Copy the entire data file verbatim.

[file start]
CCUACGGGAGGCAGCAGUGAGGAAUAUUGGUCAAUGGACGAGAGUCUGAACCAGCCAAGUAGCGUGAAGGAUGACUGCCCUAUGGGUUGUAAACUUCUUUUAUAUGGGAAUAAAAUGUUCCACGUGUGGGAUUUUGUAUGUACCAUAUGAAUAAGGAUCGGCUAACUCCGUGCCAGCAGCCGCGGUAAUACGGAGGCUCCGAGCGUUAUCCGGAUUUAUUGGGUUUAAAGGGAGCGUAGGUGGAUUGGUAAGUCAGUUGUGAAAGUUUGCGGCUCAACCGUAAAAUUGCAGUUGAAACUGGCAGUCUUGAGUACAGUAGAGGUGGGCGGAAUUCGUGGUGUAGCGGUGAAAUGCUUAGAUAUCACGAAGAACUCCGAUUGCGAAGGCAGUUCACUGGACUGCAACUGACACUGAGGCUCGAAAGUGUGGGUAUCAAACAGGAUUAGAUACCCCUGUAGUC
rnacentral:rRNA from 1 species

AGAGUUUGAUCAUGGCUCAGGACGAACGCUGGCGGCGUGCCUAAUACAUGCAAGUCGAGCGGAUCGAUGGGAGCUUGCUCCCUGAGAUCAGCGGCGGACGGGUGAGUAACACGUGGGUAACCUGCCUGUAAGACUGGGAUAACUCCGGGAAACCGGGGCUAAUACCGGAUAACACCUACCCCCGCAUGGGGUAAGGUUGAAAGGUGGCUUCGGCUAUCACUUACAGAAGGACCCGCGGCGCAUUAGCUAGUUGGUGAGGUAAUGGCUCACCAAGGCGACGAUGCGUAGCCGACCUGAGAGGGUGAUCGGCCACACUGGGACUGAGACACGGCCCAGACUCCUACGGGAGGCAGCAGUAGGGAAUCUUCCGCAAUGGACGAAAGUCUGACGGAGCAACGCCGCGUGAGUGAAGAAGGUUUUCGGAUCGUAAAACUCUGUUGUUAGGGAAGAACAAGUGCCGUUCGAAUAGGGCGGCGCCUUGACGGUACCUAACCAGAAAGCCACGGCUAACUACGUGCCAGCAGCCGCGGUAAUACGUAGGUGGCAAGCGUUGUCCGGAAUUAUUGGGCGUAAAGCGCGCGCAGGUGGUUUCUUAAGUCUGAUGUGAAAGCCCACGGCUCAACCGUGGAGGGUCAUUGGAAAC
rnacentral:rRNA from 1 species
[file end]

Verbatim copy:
CCUACGGGAGGCAGCAGUGAGGAAUAUUGGUCAAUGGACGAGAGUCUGAACCAGCCAAGUAGCGUGAAGGAUGACUGCCCUAUGGGUUGUAAACUUCUUUUAUAUGGGAAUAAAAUGUUCCACGUGUGGGAUUUUGUAUGUACCAUAUGAAUAAGGAUCGGCUAACUCCGUGCCAGCAGCCGCGGUAAUACGGAGGCUCCGAGCGUUAUCCGGAUUUAUUGGGUUUAAAGGGAGCGUAGGUGGAUUGGUAAGUCAGUUGUGAAAGUUUGCGGCUCAACCGUAAAAUUGCAGUUGAAACUGGCAGUCUUGAGUACAGUAGAGGUGGGCGGAAUUCGUGGUGUAGCGGUGAAAUGCUUAGAUAUCACGAAGAACUCCGAUUGCGAAGGCAGUUCACUGGACUGCAACUGACACUGAGGCUCGAAAGUGUGGGUAUCAAACAGGAUUAGAUACCCCUGUAGUC
rnacentral:rRNA from 1 species

AGAGUUUGAUCAUGGCUCAGGACGAACGCUGGCGGCGUGCCUAAUACAUGCAAGUCGAGCGGAUCGAUGGGAGCUUGCUCCCUGAGAUCAGCGGCGGACGGGUGAGUAACACGUGGGUAACCUGCCUGUAAGACUGGGAUAACUCCGGGAAACCGGGGCUAAUACCGGAUAACACCUACCCCCGCAUGGGGUAAGGUUGAAAGGUGGCUUCGGCUAUCACUUACAGAAGGACCCGCGGCGCAUUAGCUAGUUGGUGAGGUAAUGGCUCACCAAGGCGACGAUGCGUAGCCGACCUGAGAGGGUGAUCGGCCACACUGGGACUGAGACACGGCCCAGACUCCUACGGGAGGCAGCAGUAGGGAAUCUUCCGCAAUGGACGAAAGUCUGACGGAGCAACGCCGCGUGAGUGAAGAAGGUUUUCGGAUCGUAAAACUCUGUUGUUAGGGAAGAACAAGUGCCGUUCGAAUAGGGCGGCGCCUUGACGGUACCUAACCAGAAAGCCACGGCUAACUACGUGCCAGCAGCCGCGGUAAUACGUAGGUGGCAAGCGUUGUCCGGAAUUAUUGGGCGUAAAGCGCGCGCAGGUGGUUUCUUAAGUCUGAUGUGAAAGCCCACGGCUCAACCGUGGAGGGUCAUUGGAAAC
rnacentral:rRNA from 1 species